No one wants a major war in Europe. After all, regardless of how it might unfold or end, such a war would bring countless negative consequences for everyone directly and indirectly involved. And not only for them. Such a conflict would spell the final and irreversible collapse of the existing international order.
It would take not years, but decades to fully recover from such a catastrophe. If they let such a thing happen, the current generation of Western leaders would go down in history as a bunch of irresponsible, short-sighted politicians who thoughtlessly allowed the destruction of the modern world.
Unfortunately, though, a major war remains possible because neither side is willing to back down. At this point, it is no longer so important who is right or wrong. Reality and logic are giving way to subjective ideas and perceptions. Rational interests and priorities are being replaced by conditioned reflexes and dark instincts. A retreat by either side would be perceived as a loss of face, a sign of weakness and an involuntary invitation to opponents to step up the pressure.
The escalation of tensions is a risky and dangerous but frequently used instrument of foreign policy. Governments opt to raise the stakes when the standard approach of negotiation and compromise fail to resolve the issue at hand, when efforts to draw an opponent’s attention to a particular problem prove unsuccessful, or as an attempt to force an opponent into dialogue.
All sides in the current conflict have shown their willingness to raise tensions: Kyiv in Donbas, NATO in the Black Sea and Moscow on the Russian-Ukrainian border.
Anything might trigger an armed conflict — human error, a technical failure, a lack of information about what is happening on the other side or an irresponsible provocateur acting on their own.
Even a cyberattack could quickly escalate into open hostilities.
This being the case, the most urgent task is to prevent war from breaking out. This does not eliminate the need to hammer out a new security system in Europe, but if war cannot be prevented, all such discussions would be rendered moot and a new system of European security could only be built in the post-war world, under completely different conditions and on the ruins of modern European politics.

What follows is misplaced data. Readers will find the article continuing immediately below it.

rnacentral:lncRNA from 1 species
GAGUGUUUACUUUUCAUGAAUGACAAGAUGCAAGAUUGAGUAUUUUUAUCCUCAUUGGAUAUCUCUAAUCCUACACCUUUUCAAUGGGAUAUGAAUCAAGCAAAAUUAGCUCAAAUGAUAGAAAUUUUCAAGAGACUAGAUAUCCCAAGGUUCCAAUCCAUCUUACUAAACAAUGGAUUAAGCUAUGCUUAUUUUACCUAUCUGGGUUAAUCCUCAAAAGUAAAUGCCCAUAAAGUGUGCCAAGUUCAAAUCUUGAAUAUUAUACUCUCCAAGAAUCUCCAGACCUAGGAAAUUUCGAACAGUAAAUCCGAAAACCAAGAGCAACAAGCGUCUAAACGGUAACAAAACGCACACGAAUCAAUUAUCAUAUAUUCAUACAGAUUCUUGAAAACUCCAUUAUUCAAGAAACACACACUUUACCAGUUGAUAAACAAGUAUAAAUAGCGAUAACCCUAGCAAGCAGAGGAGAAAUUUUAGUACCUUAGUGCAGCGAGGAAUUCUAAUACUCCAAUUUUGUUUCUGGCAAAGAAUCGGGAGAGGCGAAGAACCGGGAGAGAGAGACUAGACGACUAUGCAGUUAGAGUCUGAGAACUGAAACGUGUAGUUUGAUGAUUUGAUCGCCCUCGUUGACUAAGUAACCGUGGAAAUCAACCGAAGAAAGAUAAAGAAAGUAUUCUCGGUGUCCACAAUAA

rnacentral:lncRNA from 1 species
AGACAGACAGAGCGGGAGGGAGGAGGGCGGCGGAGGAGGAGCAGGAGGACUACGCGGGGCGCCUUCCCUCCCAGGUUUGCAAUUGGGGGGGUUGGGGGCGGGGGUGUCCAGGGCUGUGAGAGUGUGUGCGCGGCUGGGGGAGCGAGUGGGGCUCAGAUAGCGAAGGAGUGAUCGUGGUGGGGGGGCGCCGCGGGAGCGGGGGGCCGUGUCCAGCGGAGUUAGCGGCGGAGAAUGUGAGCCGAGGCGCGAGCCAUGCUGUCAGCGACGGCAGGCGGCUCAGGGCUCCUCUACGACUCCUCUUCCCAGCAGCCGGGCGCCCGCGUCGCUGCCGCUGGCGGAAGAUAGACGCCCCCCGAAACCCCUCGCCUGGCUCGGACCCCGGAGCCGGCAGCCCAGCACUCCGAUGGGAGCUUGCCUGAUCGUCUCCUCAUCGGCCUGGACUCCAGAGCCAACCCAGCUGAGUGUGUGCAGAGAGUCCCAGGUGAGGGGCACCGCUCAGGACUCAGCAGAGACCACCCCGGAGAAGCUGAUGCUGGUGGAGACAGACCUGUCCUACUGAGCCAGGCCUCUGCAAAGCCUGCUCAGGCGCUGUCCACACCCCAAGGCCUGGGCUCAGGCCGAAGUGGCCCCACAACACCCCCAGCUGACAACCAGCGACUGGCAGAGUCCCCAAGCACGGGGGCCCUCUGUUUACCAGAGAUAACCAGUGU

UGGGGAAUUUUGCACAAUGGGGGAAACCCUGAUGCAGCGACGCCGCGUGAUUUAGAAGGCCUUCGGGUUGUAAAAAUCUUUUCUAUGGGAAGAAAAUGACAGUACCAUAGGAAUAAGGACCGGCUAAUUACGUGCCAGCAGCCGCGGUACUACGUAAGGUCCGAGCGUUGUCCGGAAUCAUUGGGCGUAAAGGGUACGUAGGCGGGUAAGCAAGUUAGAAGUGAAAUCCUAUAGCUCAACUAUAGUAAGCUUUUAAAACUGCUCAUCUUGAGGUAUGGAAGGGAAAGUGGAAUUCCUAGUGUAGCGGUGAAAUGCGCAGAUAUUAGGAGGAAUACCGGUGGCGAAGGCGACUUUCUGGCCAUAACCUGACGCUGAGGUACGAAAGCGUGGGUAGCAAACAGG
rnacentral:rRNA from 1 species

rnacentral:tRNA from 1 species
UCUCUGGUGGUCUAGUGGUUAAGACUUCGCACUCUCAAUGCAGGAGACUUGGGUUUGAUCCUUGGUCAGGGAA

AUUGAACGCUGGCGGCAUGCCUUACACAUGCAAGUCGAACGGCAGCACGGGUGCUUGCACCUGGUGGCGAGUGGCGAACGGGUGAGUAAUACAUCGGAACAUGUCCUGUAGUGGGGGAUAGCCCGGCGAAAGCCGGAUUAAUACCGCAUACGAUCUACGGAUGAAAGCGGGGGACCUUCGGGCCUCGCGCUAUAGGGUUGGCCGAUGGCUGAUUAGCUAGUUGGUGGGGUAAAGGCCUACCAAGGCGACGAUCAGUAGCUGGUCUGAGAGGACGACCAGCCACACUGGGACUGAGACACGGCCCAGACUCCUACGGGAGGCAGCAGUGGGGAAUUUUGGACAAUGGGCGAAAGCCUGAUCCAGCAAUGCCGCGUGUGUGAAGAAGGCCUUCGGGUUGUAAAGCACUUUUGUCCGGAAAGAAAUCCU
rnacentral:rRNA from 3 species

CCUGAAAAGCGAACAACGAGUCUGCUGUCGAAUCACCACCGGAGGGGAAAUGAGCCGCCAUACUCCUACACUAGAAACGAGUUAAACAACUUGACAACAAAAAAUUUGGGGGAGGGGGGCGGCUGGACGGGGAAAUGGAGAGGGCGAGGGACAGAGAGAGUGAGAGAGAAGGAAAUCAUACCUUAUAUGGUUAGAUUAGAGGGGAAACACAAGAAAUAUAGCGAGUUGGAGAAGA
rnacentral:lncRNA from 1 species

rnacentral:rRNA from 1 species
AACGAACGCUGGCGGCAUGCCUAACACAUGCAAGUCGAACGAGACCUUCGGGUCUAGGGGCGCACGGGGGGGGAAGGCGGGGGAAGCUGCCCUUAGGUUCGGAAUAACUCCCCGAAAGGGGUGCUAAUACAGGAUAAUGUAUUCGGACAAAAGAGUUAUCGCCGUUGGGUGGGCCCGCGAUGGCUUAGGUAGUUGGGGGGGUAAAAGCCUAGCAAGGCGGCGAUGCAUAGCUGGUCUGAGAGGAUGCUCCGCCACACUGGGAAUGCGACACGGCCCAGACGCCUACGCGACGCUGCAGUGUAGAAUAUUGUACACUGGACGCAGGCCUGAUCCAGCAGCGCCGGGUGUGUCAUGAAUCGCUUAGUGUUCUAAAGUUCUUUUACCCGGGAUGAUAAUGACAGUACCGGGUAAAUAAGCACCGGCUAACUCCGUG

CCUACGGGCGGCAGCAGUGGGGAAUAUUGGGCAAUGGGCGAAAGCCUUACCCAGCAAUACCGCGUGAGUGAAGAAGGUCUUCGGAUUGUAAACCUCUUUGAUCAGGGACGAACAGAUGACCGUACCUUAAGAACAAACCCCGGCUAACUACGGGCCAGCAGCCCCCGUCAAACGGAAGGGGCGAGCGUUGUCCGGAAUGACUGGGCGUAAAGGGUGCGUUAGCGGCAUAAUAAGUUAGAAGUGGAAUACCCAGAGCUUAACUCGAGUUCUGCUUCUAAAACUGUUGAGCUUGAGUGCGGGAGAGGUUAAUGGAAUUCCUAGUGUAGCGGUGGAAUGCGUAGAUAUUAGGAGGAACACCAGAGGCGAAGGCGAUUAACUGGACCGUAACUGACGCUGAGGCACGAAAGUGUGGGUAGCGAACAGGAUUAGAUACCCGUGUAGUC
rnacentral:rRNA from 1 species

This makes the de-escalation of tensions the top priority. And this de-escalation must be simultaneous and coordinated wherever conflict could break out — in Donbas, at the Russian-Ukrainian border, in the Black Sea, on the borders of Belarus and Poland, in cyberspace and in the media. An urgent and radical de-escalation of the militant rhetoric must occur at all levels.
This can be achieved using mechanisms well-known to all sides in the crisis.
In Donbas, de-escalation requires that the “Normandy Four” focus on the military component of the Minsk agreements — a sustainable truce, the withdrawal of heavy weapons and the strengthening of the OSCE mission.
For Moscow and Brussels, it means reviving the Russia-NATO Council, including all of its military aspects. For the OSCE, de-escalation requires updating the Vienna Document 2011 on Confidence- and Security-Building Measures in Europe.
Additional confidence-building measures relating to the Black Sea region, the Arctic, etc. must also be urgently discussed and enshrined in an appropriate agreement.
Even de-escalating in this and similar ways will not solve all the problems that Russia has with the West and Ukraine, but it would make it possible for the parties to step back from the brink and claim a political victory.
None of these measures require making concessions on matters of principle, staging a strategic retreat or surrendering vital positions.
But taken together, they would create a fundamentally different political and psychological environment in Europe. This, in turn, would make it possible to hold serious discussions on more complex issues, including NATO expansion and the indivisibility of European security, guarantees for Russian and Ukrainian security, the future of arms control and the strengthening of pan-European institutions and structures.
Although these discussions will inevitably be long and difficult, they cannot even begin without first resolving the current, acute phase of the political crisis.
The crisis unfolding before our eyes comes as something of a cold shower for Europe. The torrent of ice-cold water has forced European politicians to shake off their lethargy and drowsiness of recent years. In fact, a cold shower is good for the health: it improves muscle tone, strengthens blood vessels and the immune system, burns calories and refreshes the body.
But standing too long under a cold shower is risky for anyone in less than perfect health. It could cause a jump in blood pressure for someone with hypertension, trigger a heart attack or increase the likelihood of colds and viral illnesses. In no way can modern Europe be considered entirely healthy, so it must quickly get out of this cold shower and dry itself off with a warm terrycloth towel.